The New York Times numbingly keeps running the same article about gun sales in Texas and other southwestern states to Mexican drug gangs. This is no longer "news" per se, now it is the kind of drumbeat they once sustained over the gender discrimination at the Masters (if memory serves). Oh, and the reporting they ran emphasizing the need for a war in Iraq, there are certain echoes of that. For such an austere newspaper, their advocacy journalism can be tired, not to mention tiresome.

My guess is that the paper thinks if it keeps running the same article about the danger of guns over and over that there will suddenly be a national movement to regulate guns. Their calculations seem clear--Mexican drug gangs buy American guns, therefore American guns should be regulated to stop Mexican drug violence.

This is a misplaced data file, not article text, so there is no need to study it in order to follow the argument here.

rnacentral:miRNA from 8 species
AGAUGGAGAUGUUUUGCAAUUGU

I have this suspicion that if guns couldn't be easily bought in Texas by billionaire drug gangs, they might have to spend marginally more buying superior weaponry from their Latin America connections, who operate in a region awash with guns (many of them from the U.S., see below). It is almost too obvious to point out that it wouldn't take much to push aside a few kilos of coke and add in some weapons.

The Times is without a clue in other ways too, not least of which is the almost total absence of interest in broaching the radioactive gun debate. Obama is far too savvy a politician to do this, at least yet. And now that Dems have started winning in the south, why destroy that with fruitless anti-gun posturing? Why lose Virginia now that it has moved so firmly into the Demcoratic camp?

I haven't seen the article stressing the root cause of the Mexican drug violence, which is, of course, the teenager behind your garage toking up as you read this very blog post (maybe even your son or daughter. Or you).

But it is true that the United States is the cause of much weapons violence in the world. It supplies 38% of the arms sold in the world today.

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